The questions that we are being offended by, and offering a slew of snarky retorts in response to … are INVITATIONS TO SHARE.

Yes, these children are all mine.  Yes, some are adopted.  Yes, we are fostering a sibling group.  Why did we make this choice?  Because, the Lord pressed upon our hearts that we had enough love in our home to share.  There are so many kids in our foster system just looking for someone to love them, a place to call home.

Yes, I do have a few tattoos.  Sure, you can see it.   Yes, getting one does hurt, some areas more than others.  What does it mean?  Well, this anchor represents the fact that I am anchored by my faith, the compass reminds me of where I have been & where I am going, and the dove represents the hope I have in Christ.

Yes, we are moving to another country.  It is hard to leave our home, but we realized it was just a building.  Our hearts are not here… they are a long plane ride away.  No, not everyone is called to do this.  We prayerfully considered it and brought others in to the fold to pray along with us.  God continually affirmed the calling with his provisions, blessings, and divine appointments.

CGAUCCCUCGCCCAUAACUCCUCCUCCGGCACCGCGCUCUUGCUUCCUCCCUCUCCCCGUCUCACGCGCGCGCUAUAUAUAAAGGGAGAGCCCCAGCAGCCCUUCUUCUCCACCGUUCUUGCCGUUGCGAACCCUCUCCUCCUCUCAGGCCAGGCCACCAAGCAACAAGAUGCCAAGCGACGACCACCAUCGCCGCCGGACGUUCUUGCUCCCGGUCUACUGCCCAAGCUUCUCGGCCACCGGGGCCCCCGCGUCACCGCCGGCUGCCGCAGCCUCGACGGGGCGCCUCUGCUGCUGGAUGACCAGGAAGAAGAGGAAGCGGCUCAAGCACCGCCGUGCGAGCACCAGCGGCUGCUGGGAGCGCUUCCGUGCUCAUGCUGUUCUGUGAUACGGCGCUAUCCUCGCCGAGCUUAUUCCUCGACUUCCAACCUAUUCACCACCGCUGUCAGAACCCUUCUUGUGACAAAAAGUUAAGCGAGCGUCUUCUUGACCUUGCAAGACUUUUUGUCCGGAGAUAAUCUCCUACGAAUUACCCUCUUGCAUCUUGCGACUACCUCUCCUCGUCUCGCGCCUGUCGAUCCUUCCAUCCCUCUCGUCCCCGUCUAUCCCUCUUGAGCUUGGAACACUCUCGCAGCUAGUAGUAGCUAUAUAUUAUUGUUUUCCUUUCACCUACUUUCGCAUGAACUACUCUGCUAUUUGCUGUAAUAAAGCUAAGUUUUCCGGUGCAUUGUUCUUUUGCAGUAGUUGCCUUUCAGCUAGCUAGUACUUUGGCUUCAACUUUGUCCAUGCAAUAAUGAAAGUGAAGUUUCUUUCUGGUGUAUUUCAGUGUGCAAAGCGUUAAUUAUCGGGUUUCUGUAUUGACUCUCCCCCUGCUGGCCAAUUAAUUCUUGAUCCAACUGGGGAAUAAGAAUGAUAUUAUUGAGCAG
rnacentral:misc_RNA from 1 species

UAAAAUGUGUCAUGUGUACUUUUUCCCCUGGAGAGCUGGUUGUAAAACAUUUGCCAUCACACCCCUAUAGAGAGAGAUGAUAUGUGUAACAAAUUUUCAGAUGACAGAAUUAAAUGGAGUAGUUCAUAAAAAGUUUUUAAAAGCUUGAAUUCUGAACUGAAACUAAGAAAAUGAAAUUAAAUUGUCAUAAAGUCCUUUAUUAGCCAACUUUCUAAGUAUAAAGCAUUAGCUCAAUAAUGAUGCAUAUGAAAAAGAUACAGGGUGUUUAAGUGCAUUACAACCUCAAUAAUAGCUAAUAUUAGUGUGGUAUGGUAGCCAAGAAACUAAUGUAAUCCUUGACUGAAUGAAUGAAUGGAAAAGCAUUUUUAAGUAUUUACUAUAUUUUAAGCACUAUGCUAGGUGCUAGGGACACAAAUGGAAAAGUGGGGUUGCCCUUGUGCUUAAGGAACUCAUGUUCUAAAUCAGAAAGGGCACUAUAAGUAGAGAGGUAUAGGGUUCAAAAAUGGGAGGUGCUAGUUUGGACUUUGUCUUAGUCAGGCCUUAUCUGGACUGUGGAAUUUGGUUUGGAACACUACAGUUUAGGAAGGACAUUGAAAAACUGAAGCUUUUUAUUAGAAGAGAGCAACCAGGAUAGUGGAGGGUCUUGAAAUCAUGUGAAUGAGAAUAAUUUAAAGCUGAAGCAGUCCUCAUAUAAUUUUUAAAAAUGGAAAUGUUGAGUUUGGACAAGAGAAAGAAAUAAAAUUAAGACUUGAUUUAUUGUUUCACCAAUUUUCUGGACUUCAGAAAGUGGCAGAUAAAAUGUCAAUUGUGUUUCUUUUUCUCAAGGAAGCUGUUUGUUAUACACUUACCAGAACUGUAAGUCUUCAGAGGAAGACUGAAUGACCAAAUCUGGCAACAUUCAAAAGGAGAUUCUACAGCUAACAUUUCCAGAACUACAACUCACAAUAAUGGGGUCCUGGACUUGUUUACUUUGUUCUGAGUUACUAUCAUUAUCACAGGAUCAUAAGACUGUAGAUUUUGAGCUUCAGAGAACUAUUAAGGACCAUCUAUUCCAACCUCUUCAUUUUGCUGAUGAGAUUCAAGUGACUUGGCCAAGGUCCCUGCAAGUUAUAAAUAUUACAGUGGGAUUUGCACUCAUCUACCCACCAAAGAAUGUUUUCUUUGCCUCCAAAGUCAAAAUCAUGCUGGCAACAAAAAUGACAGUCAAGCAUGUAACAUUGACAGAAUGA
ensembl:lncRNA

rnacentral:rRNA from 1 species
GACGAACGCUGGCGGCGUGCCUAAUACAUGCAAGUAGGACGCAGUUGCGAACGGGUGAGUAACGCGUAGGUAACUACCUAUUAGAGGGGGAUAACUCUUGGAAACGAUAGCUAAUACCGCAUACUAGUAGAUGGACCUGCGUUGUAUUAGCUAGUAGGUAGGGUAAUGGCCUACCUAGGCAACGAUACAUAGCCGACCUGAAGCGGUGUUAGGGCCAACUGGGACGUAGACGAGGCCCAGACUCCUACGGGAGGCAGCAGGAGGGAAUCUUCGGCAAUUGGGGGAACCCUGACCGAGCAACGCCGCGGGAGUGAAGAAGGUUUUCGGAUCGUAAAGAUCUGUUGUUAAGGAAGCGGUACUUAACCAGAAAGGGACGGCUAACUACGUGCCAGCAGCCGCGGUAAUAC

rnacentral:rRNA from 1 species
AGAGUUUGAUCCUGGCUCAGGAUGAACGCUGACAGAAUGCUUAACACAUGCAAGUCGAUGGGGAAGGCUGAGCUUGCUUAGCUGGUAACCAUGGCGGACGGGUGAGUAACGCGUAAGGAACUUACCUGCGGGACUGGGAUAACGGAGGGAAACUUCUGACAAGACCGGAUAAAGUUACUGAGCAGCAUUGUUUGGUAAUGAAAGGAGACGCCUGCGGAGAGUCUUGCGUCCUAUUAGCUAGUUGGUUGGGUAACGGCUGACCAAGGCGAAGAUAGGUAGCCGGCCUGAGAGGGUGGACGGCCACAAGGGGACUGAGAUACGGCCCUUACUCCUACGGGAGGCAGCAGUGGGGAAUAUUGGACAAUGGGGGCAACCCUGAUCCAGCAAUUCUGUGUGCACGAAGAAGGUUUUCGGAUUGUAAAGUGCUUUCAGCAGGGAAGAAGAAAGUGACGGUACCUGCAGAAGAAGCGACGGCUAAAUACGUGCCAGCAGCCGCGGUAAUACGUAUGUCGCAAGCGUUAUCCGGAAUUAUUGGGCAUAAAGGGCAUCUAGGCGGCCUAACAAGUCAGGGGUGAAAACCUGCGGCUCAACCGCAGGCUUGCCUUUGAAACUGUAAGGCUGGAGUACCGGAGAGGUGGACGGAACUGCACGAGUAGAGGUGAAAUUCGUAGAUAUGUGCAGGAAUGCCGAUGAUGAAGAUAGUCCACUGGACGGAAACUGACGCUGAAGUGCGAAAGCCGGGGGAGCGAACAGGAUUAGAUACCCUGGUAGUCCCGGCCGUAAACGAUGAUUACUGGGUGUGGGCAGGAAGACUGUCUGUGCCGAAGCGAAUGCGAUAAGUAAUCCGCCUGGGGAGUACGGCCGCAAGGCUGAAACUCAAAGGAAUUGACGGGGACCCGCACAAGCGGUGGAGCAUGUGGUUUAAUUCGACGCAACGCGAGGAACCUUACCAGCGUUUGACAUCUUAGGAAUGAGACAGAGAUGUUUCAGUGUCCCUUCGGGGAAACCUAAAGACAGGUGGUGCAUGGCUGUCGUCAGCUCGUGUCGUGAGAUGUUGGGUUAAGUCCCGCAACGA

We could be offended by everything, or we can look at it is an opportunity to share.

I can be offended.

~ OR ~

I can be inviting.

Consider… if a person can’t ask you a simple question… about the size of your family, the way you dress, or about the ink on your skin…

What can they safely ask you?

When you have been snarky and responded to their questions with contempt, disgust, or curtly…   Do you really think they want to talk to you about the big stuff? Raising children?  Adoption?  Abortion?  Gay Marriage?  God and salvation through Jesus Christ?

Your quick off the cuff retorts are not inviting them into conversation.  Instead you are pushing them away, you are letting them know you are not a safe person to talk to.

And if that is how you are responding…. What kind of light are you shining in this dark world?

Ask me anything.  I won’t be offended.  I will answer your questions.  Sometimes a question is just a question, a curiosity.  Sometimes a question is an attempt to understand a person, situation, or belief better.  BUT… sometimes… a question is an invitation into a bigger and better conversation.